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ERIC Number: EJ1081005
Record Type: Journal
Publication Date: 2008
Pages: 11
Abstractor: ERIC
Reference Count: 15
ISBN: N/A
ISSN: ISSN-1522-7502
Taking the High Road: Teaching for Transfer in an FYC Program
Fishman, Jenn; Reiff, Mary Jo
Composition Forum, v18 Sum 2008
Current theoretical conversations in the field of Rhetoric and Composition, particularly conversations related to first-year curricular design, are increasingly concerned with the issue of "teaching for transfer." While developing successful transfer pedagogy is a challenging undertaking, one that may require writing instructors to revise both course content and teaching styles, there are good reasons for facing the challenge, starting with the changing face of college writing instruction. Over the past several years, both standalone first-year composition (FYC) programs and programs within English departments have become less isolated from the rest of the university, and it is not uncommon for them to be identified with (or even renamed) "University Writing Programs." In addition, FYC is often affiliated with Writing-Across-the-Curriculum (WAC) or Writing-in-the-Disciplines (WID) programs, and FYC is frequently supported by Writing Centers, which serve college and university communities as true centers of local writing culture. In this context, first-year writing gains new responsibilities, becoming students' introduction not only to college composition, but also to writing transfer in other courses and contexts. For Writing Program Administrators (WPAs) and FYC teachers who accept this challenge, the question they jointly face is how to develop a program that can help students acquire the rhetorical knowledge and skills vital to communicating effectively in multiple contexts. This program profile focuses on how members of the FYC program at a Research-1 university, the University of Tennessee-Knoxville, came together over the course of three years to address questions in curricular revisions. Examining the institutional context for curriculum review and the process of implementing new courses, the authors describe the impetus for change along with the goals and theories that informed each stage of decision-making.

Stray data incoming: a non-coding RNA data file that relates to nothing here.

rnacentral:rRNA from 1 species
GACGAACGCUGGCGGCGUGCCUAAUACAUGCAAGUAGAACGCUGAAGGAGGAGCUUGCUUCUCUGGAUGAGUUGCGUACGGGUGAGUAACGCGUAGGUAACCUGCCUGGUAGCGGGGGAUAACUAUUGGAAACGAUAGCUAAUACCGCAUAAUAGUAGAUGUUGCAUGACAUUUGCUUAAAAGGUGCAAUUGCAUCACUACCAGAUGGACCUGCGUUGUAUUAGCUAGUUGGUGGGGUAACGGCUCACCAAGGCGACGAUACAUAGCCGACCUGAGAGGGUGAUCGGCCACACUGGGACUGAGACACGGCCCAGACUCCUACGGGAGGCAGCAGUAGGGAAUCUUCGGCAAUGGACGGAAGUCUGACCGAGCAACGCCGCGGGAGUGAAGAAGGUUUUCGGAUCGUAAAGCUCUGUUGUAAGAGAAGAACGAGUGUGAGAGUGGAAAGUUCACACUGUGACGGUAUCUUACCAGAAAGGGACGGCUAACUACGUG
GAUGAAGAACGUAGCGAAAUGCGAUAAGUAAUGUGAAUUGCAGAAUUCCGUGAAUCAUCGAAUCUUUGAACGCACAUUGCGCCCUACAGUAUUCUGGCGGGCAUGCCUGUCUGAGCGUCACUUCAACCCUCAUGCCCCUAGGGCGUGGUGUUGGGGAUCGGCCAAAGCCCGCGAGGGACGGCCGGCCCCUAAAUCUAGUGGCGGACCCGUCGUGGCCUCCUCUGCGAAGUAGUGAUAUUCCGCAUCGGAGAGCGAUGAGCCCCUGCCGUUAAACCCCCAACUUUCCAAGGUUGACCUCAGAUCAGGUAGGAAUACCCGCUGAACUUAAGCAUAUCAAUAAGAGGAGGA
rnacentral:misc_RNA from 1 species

Association of Teachers of Advanced Composition. e-mail: cf@compositionforum.com; Web site: http://compositionforum.com
Publication Type: Journal Articles; Reports - Descriptive
Education Level: Higher Education; Postsecondary Education
Audience: N/A
Language: English
Sponsor: N/A
Authoring Institution: N/A
Identifiers - Location: Tennessee